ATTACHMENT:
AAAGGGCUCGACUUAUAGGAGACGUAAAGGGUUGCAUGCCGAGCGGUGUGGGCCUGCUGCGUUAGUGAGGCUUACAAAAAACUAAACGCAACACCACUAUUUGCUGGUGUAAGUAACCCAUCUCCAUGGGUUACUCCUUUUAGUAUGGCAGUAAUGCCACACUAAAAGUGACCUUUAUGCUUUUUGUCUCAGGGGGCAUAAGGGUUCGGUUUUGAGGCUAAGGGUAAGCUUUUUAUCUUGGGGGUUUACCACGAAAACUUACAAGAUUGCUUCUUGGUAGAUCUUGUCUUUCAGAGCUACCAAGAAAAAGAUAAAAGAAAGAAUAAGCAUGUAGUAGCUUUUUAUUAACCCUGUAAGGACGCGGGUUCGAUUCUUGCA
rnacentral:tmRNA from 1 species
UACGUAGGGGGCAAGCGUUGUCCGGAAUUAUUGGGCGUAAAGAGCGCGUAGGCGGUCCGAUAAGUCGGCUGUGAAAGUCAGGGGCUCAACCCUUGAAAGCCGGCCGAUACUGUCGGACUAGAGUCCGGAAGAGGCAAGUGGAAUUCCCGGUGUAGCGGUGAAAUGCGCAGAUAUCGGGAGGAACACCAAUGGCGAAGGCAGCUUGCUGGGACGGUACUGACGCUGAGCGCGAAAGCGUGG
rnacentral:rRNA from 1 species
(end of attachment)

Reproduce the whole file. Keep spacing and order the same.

AAAGGGCUCGACUUAUAGGAGACGUAAAGGGUUGCAUGCCGAGCGGUGUGGGCCUGCUGCGUUAGUGAGGCUUACAAAAAACUAAACGCAACACCACUAUUUGCUGGUGUAAGUAACCCAUCUCCAUGGGUUACUCCUUUUAGUAUGGCAGUAAUGCCACACUAAAAGUGACCUUUAUGCUUUUUGUCUCAGGGGGCAUAAGGGUUCGGUUUUGAGGCUAAGGGUAAGCUUUUUAUCUUGGGGGUUUACCACGAAAACUUACAAGAUUGCUUCUUGGUAGAUCUUGUCUUUCAGAGCUACCAAGAAAAAGAUAAAAGAAAGAAUAAGCAUGUAGUAGCUUUUUAUUAACCCUGUAAGGACGCGGGUUCGAUUCUUGCA
rnacentral:tmRNA from 1 species
UACGUAGGGGGCAAGCGUUGUCCGGAAUUAUUGGGCGUAAAGAGCGCGUAGGCGGUCCGAUAAGUCGGCUGUGAAAGUCAGGGGCUCAACCCUUGAAAGCCGGCCGAUACUGUCGGACUAGAGUCCGGAAGAGGCAAGUGGAAUUCCCGGUGUAGCGGUGAAAUGCGCAGAUAUCGGGAGGAACACCAAUGGCGAAGGCAGCUUGCUGGGACGGUACUGACGCUGAGCGCGAAAGCGUGG
rnacentral:rRNA from 1 species